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Wigton to expand into solar energy, add more wind turbines

Published:Friday | March 29, 2019 | 12:00 AMSteven Jackson/Senior Business Reporter
Wind turbines at Wigton Windfarm in Manchester
Rose Hill in Manchester offers the strong, steady winds that power Wigton’s turbines.

Wigton Windfarm Limited, which operates wind turbines in Manchester and has refinanced US$49 million of its debts at lower rates in preparation for listing on the Jamaica Stock Exchange (JSE), will be growing its footprint by constructing solar energy plants and additional wind turbines when the renewable energy tenders emerge, according to Milverton Reynolds, managing director at the Development Bank of Jamaica (DBJ).

Reynolds, who made the revelation at the Mayberry Investor Forum in New Kingston on Wednesday, said that the funds for refinancing were all raised locally. The DBJ oversees the divestment of state-owned entities to the private sector.

Wigton is a subsidiary of the state-owned Petroleum Corporation of Jamaica. The Jamaican Government plans to list the company in a bid to raise money for the Consolidated Fund and also to get at least 10,000 Jamaicans holding equity in the company.

“The proceeds of the IPO (initial public offering) will go towards the Government and it will be allocated to areas of greatest importance, whether to hospitals, schools, the education system, and so on,” said Minister of Science, Energy and Technology Fayval Williams, who also addressed the forum at The Knutsford Court Hotel. The forum sought to give an overview of Wigton Windfarm rather than its financials or aspects of its prospectus for listing.

Official estimates, however, show that the refinanced ‘new loans’ are expected to slash finance costs at Wigton by one-third, saving more than $300 million annually in finance expenses. That equates to more than half the estimated profit after tax at some $590 million projected for its year end in March 2019, according to the Jamaica Public Bodies Report tabled in Parliament recently.

Revenues at Wigton are estimated at $2.5 billion for the financial year ending March 2019 or 6.3 per cent higher-year on-year. It is estimated to make profit before tax of some $780 million, compared to $1 billion a year earlier, but that’s due to a one-off item in the prior year of more than half of the profit of 2018.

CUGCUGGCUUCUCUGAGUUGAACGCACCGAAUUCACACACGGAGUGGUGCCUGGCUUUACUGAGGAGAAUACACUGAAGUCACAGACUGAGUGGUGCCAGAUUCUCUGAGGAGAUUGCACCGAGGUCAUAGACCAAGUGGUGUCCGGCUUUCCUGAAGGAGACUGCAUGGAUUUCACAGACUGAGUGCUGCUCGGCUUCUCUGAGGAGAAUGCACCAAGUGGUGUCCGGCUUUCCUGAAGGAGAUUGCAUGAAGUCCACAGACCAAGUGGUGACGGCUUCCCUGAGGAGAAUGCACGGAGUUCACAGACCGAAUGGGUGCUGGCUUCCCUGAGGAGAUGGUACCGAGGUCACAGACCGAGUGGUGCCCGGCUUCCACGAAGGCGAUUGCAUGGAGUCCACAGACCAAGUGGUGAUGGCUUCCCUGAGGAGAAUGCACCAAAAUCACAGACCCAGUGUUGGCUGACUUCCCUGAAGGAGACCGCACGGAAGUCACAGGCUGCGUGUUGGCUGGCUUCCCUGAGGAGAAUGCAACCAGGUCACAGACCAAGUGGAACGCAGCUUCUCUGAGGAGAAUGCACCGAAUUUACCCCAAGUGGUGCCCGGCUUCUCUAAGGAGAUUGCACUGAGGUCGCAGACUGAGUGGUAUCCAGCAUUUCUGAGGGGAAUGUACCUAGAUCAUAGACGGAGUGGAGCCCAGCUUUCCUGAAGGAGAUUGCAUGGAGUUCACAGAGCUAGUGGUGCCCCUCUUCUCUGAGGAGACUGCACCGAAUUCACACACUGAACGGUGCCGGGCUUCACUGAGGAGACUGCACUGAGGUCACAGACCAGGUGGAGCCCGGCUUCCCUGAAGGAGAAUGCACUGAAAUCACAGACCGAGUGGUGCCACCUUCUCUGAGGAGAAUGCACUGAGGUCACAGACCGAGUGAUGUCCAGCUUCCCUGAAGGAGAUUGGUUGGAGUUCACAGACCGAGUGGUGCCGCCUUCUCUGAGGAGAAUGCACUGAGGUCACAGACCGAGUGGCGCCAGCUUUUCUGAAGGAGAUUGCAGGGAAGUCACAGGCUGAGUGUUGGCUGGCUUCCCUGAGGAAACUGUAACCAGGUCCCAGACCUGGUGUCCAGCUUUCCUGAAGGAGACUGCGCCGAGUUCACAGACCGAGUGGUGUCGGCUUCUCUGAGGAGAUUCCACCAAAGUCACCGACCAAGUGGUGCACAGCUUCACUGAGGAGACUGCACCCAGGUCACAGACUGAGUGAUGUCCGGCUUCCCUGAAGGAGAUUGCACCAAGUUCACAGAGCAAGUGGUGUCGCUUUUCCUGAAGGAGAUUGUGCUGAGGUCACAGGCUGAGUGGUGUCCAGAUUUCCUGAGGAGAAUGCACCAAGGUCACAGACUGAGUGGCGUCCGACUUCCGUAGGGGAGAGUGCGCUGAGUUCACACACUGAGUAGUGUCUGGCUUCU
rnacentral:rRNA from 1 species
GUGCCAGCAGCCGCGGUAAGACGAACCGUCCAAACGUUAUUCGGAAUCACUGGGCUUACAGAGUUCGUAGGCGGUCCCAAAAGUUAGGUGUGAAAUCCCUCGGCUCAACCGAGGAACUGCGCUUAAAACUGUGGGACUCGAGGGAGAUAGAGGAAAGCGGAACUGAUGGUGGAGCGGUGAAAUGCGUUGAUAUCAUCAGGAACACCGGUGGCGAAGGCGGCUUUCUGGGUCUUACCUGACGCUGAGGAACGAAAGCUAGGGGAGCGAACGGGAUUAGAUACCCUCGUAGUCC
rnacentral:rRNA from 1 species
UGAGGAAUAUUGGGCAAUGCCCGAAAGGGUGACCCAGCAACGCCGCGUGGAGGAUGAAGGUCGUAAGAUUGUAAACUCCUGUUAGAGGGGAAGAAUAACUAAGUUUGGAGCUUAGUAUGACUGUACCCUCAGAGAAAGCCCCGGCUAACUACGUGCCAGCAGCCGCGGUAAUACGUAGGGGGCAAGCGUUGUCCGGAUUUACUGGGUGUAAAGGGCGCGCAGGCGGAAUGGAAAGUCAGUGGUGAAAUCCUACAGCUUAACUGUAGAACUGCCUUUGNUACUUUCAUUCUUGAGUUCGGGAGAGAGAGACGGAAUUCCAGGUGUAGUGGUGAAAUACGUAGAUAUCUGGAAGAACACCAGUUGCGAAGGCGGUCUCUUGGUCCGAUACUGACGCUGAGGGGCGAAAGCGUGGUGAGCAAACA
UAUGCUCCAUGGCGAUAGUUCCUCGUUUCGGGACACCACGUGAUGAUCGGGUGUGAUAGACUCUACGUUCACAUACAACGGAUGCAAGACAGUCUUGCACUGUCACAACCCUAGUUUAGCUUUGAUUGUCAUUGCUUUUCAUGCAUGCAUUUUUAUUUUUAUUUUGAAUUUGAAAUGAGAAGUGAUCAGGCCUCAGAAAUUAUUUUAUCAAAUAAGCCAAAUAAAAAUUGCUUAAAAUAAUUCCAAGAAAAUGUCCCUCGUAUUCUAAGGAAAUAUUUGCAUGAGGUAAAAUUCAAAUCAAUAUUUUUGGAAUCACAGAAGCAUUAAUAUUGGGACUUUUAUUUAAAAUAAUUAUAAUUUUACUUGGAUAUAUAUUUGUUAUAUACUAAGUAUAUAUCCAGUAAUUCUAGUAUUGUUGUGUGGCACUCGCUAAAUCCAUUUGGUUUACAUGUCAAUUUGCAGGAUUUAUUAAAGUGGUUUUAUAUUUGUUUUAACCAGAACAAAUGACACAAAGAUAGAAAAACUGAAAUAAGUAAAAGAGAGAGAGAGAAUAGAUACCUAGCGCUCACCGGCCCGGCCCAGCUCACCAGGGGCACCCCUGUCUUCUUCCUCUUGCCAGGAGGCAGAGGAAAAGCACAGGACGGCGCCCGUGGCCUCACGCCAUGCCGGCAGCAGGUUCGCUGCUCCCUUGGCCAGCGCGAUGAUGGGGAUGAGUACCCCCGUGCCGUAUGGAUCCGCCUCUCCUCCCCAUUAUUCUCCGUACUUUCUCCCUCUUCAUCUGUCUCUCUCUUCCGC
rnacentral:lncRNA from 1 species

The company’s total net assets are $9.37 billion, with the bulk of it being the value of its turbine fixed assets. Additionally, $2 billion of its $2.3 billion in total equity comprises accumulated profits as at March 2019.

Wigton Windfarm, incorporated in 2000, constructed its initial wind turbines in 2004 and then underwent three phases of expansion, constructing a total of 44 turbines that produce 62.7 megawatts of power.

General Manager Earl Barrett indicated that Wigton can put in additional turbines that produce another 40 megawatts of power at its current location, but said they have identified other areas across the country that can accommodate an additional 160 megawatts of power.

Growth in renewable generation is part of the Government’s plan to add at least 670 megawatts of new power from renewables over the next 20 years.

Currently, the country provides about 15 per cent of its electricity supply from renewables, but Wigton’s projected growth would put that figure to 56 per cent of the total power output in two decades.

Official estimates show that Wigton’s new loans is projected at J$6.9 billion for the year ending March 2019, reflecting the bulk of the refinancing in local currency. The result of the refinancing reduced its finance costs by one-third to $560 million, compared to $877 million a year earlier.

Wigton will embark on a multi-decade strategic plan which involves expansion of its existing capacity. “At 56 per cent renewables by 2037, what that says to me is that there is opportunity, and so it’s for us to take advantage of those opportunities,” said Wigton Chairman Oliver Holmes.